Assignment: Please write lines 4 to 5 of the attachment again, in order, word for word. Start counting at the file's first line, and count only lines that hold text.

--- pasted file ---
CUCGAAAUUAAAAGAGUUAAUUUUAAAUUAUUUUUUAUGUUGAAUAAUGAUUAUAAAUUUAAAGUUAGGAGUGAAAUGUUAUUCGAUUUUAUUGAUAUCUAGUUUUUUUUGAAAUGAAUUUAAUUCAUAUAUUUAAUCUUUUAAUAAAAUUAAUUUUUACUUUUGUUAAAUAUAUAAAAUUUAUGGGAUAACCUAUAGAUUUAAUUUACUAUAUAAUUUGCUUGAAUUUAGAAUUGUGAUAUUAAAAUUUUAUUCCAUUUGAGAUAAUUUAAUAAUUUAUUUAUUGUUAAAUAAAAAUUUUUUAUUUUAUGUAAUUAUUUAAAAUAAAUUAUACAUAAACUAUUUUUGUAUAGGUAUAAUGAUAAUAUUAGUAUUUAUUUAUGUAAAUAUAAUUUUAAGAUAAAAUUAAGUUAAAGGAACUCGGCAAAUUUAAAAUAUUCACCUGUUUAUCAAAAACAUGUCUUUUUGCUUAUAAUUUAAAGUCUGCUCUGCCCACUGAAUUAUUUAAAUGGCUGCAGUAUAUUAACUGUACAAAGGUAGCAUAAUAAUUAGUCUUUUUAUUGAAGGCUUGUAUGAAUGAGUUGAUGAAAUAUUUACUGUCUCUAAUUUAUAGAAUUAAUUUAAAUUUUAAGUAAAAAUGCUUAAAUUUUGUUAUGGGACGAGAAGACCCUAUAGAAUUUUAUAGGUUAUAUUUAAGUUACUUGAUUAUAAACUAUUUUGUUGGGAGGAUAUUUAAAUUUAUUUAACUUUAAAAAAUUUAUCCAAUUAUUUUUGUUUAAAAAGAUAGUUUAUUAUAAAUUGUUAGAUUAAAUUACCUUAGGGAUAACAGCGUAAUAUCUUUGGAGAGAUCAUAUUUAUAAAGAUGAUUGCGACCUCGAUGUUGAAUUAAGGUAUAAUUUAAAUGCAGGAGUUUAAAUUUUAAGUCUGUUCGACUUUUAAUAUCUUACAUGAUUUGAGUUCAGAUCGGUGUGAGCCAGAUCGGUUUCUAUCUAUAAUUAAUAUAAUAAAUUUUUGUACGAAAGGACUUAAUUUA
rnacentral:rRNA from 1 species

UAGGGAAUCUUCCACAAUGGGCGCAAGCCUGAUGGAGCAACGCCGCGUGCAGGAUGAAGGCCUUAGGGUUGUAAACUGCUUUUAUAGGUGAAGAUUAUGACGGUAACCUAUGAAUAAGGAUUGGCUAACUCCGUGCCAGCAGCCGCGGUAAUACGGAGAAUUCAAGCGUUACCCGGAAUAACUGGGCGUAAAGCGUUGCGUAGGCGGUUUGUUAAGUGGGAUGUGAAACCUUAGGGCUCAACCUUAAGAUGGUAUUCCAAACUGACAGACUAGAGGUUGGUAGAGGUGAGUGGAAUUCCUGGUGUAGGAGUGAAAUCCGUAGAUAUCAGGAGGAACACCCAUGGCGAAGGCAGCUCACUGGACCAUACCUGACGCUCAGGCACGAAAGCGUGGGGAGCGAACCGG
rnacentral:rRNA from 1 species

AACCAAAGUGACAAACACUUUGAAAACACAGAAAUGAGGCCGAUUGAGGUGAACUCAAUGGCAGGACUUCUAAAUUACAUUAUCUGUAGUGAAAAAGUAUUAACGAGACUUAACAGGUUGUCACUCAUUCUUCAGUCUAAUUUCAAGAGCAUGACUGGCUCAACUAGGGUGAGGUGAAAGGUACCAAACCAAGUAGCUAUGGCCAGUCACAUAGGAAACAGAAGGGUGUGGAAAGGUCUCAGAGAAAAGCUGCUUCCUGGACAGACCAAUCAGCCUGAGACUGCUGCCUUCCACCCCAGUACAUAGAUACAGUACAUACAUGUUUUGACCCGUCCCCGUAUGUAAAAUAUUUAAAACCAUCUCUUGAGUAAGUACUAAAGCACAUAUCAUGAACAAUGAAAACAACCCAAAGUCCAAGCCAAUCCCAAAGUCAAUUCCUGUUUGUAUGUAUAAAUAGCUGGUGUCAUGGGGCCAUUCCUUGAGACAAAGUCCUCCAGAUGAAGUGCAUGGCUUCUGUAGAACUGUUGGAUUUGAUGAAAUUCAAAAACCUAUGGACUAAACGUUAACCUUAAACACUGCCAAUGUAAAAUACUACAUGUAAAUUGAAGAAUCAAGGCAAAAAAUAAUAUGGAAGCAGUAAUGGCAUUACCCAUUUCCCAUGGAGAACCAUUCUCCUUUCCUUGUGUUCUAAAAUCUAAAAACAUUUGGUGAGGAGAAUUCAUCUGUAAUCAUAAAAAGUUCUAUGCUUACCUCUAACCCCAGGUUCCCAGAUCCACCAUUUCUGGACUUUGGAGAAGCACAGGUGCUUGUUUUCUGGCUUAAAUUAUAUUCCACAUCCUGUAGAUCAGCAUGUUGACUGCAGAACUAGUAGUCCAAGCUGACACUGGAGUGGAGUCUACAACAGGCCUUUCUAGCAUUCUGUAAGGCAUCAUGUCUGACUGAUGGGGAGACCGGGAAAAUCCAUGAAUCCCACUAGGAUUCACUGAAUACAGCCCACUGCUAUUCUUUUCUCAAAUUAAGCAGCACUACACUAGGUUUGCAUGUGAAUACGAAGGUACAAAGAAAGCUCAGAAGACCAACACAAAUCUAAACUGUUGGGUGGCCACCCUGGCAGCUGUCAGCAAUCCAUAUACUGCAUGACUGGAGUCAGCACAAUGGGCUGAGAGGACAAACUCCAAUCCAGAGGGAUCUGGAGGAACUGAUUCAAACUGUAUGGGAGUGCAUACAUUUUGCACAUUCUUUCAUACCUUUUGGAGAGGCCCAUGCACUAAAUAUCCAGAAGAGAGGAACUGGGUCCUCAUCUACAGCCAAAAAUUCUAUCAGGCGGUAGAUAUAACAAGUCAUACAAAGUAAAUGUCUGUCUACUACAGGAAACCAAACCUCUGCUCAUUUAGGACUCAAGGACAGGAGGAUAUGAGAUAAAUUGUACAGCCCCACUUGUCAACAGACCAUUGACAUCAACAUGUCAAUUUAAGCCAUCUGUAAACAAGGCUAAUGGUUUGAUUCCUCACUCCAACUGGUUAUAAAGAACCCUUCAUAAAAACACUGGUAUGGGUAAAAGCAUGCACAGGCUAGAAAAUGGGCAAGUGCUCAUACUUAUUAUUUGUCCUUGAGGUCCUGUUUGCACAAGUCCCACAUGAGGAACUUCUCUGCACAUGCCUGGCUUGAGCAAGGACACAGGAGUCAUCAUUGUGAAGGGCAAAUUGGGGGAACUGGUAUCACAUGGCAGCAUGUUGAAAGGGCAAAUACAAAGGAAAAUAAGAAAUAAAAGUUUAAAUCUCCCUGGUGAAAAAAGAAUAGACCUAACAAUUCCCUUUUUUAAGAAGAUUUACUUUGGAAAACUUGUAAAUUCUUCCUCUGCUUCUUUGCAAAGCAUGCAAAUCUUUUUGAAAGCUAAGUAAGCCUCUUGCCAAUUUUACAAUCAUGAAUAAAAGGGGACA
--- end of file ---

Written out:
rnacentral:rRNA from 1 species

AACCAAAGUGACAAACACUUUGAAAACACAGAAAUGAGGCCGAUUGAGGUGAACUCAAUGGCAGGACUUCUAAAUUACAUUAUCUGUAGUGAAAAAGUAUUAACGAGACUUAACAGGUUGUCACUCAUUCUUCAGUCUAAUUUCAAGAGCAUGACUGGCUCAACUAGGGUGAGGUGAAAGGUACCAAACCAAGUAGCUAUGGCCAGUCACAUAGGAAACAGAAGGGUGUGGAAAGGUCUCAGAGAAAAGCUGCUUCCUGGACAGACCAAUCAGCCUGAGACUGCUGCCUUCCACCCCAGUACAUAGAUACAGUACAUACAUGUUUUGACCCGUCCCCGUAUGUAAAAUAUUUAAAACCAUCUCUUGAGUAAGUACUAAAGCACAUAUCAUGAACAAUGAAAACAACCCAAAGUCCAAGCCAAUCCCAAAGUCAAUUCCUGUUUGUAUGUAUAAAUAGCUGGUGUCAUGGGGCCAUUCCUUGAGACAAAGUCCUCCAGAUGAAGUGCAUGGCUUCUGUAGAACUGUUGGAUUUGAUGAAAUUCAAAAACCUAUGGACUAAACGUUAACCUUAAACACUGCCAAUGUAAAAUACUACAUGUAAAUUGAAGAAUCAAGGCAAAAAAUAAUAUGGAAGCAGUAAUGGCAUUACCCAUUUCCCAUGGAGAACCAUUCUCCUUUCCUUGUGUUCUAAAAUCUAAAAACAUUUGGUGAGGAGAAUUCAUCUGUAAUCAUAAAAAGUUCUAUGCUUACCUCUAACCCCAGGUUCCCAGAUCCACCAUUUCUGGACUUUGGAGAAGCACAGGUGCUUGUUUUCUGGCUUAAAUUAUAUUCCACAUCCUGUAGAUCAGCAUGUUGACUGCAGAACUAGUAGUCCAAGCUGACACUGGAGUGGAGUCUACAACAGGCCUUUCUAGCAUUCUGUAAGGCAUCAUGUCUGACUGAUGGGGAGACCGGGAAAAUCCAUGAAUCCCACUAGGAUUCACUGAAUACAGCCCACUGCUAUUCUUUUCUCAAAUUAAGCAGCACUACACUAGGUUUGCAUGUGAAUACGAAGGUACAAAGAAAGCUCAGAAGACCAACACAAAUCUAAACUGUUGGGUGGCCACCCUGGCAGCUGUCAGCAAUCCAUAUACUGCAUGACUGGAGUCAGCACAAUGGGCUGAGAGGACAAACUCCAAUCCAGAGGGAUCUGGAGGAACUGAUUCAAACUGUAUGGGAGUGCAUACAUUUUGCACAUUCUUUCAUACCUUUUGGAGAGGCCCAUGCACUAAAUAUCCAGAAGAGAGGAACUGGGUCCUCAUCUACAGCCAAAAAUUCUAUCAGGCGGUAGAUAUAACAAGUCAUACAAAGUAAAUGUCUGUCUACUACAGGAAACCAAACCUCUGCUCAUUUAGGACUCAAGGACAGGAGGAUAUGAGAUAAAUUGUACAGCCCCACUUGUCAACAGACCAUUGACAUCAACAUGUCAAUUUAAGCCAUCUGUAAACAAGGCUAAUGGUUUGAUUCCUCACUCCAACUGGUUAUAAAGAACCCUUCAUAAAAACACUGGUAUGGGUAAAAGCAUGCACAGGCUAGAAAAUGGGCAAGUGCUCAUACUUAUUAUUUGUCCUUGAGGUCCUGUUUGCACAAGUCCCACAUGAGGAACUUCUCUGCACAUGCCUGGCUUGAGCAAGGACACAGGAGUCAUCAUUGUGAAGGGCAAAUUGGGGGAACUGGUAUCACAUGGCAGCAUGUUGAAAGGGCAAAUACAAAGGAAAAUAAGAAAUAAAAGUUUAAAUCUCCCUGGUGAAAAAAGAAUAGACCUAACAAUUCCCUUUUUUAAGAAGAUUUACUUUGGAAAACUUGUAAAUUCUUCCUCUGCUUCUUUGCAAAGCAUGCAAAUCUUUUUGAAAGCUAAGUAAGCCUCUUGCCAAUUUUACAAUCAUGAAUAAAAGGGGACA